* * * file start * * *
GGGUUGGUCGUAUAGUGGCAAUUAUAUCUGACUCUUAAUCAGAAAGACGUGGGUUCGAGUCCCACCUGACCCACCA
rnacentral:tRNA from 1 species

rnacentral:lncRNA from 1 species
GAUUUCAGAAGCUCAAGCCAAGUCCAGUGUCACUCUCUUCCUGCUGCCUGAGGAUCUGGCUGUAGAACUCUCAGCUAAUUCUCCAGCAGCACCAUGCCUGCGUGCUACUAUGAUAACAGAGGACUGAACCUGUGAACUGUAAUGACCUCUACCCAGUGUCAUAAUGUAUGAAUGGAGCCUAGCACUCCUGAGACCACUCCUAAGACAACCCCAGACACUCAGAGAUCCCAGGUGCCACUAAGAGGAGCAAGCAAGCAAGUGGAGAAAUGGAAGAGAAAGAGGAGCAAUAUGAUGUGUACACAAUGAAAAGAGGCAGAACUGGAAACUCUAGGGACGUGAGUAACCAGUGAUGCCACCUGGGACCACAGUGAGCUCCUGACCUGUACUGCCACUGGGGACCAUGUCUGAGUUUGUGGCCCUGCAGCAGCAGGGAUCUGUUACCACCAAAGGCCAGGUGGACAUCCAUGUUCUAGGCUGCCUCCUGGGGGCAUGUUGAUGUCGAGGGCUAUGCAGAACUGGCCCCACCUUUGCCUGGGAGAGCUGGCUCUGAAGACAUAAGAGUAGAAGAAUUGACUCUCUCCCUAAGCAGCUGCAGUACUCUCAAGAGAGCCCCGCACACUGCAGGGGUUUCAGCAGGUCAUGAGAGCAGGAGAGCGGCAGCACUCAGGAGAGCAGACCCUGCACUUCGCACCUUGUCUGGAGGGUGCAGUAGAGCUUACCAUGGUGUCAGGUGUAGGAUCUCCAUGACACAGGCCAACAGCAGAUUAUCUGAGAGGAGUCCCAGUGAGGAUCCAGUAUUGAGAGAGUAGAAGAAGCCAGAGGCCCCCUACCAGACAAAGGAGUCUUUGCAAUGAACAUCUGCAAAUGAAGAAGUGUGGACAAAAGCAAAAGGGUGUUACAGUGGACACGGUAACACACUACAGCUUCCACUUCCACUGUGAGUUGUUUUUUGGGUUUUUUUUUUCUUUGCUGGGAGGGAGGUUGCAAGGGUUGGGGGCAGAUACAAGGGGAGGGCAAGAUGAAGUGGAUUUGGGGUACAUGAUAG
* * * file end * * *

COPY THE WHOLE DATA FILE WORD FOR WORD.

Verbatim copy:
GGGUUGGUCGUAUAGUGGCAAUUAUAUCUGACUCUUAAUCAGAAAGACGUGGGUUCGAGUCCCACCUGACCCACCA
rnacentral:tRNA from 1 species

rnacentral:lncRNA from 1 species
GAUUUCAGAAGCUCAAGCCAAGUCCAGUGUCACUCUCUUCCUGCUGCCUGAGGAUCUGGCUGUAGAACUCUCAGCUAAUUCUCCAGCAGCACCAUGCCUGCGUGCUACUAUGAUAACAGAGGACUGAACCUGUGAACUGUAAUGACCUCUACCCAGUGUCAUAAUGUAUGAAUGGAGCCUAGCACUCCUGAGACCACUCCUAAGACAACCCCAGACACUCAGAGAUCCCAGGUGCCACUAAGAGGAGCAAGCAAGCAAGUGGAGAAAUGGAAGAGAAAGAGGAGCAAUAUGAUGUGUACACAAUGAAAAGAGGCAGAACUGGAAACUCUAGGGACGUGAGUAACCAGUGAUGCCACCUGGGACCACAGUGAGCUCCUGACCUGUACUGCCACUGGGGACCAUGUCUGAGUUUGUGGCCCUGCAGCAGCAGGGAUCUGUUACCACCAAAGGCCAGGUGGACAUCCAUGUUCUAGGCUGCCUCCUGGGGGCAUGUUGAUGUCGAGGGCUAUGCAGAACUGGCCCCACCUUUGCCUGGGAGAGCUGGCUCUGAAGACAUAAGAGUAGAAGAAUUGACUCUCUCCCUAAGCAGCUGCAGUACUCUCAAGAGAGCCCCGCACACUGCAGGGGUUUCAGCAGGUCAUGAGAGCAGGAGAGCGGCAGCACUCAGGAGAGCAGACCCUGCACUUCGCACCUUGUCUGGAGGGUGCAGUAGAGCUUACCAUGGUGUCAGGUGUAGGAUCUCCAUGACACAGGCCAACAGCAGAUUAUCUGAGAGGAGUCCCAGUGAGGAUCCAGUAUUGAGAGAGUAGAAGAAGCCAGAGGCCCCCUACCAGACAAAGGAGUCUUUGCAAUGAACAUCUGCAAAUGAAGAAGUGUGGACAAAAGCAAAAGGGUGUUACAGUGGACACGGUAACACACUACAGCUUCCACUUCCACUGUGAGUUGUUUUUUGGGUUUUUUUUUUCUUUGCUGGGAGGGAGGUUGCAAGGGUUGGGGGCAGAUACAAGGGGAGGGCAAGAUGAAGUGGAUUUGGGGUACAUGAUAG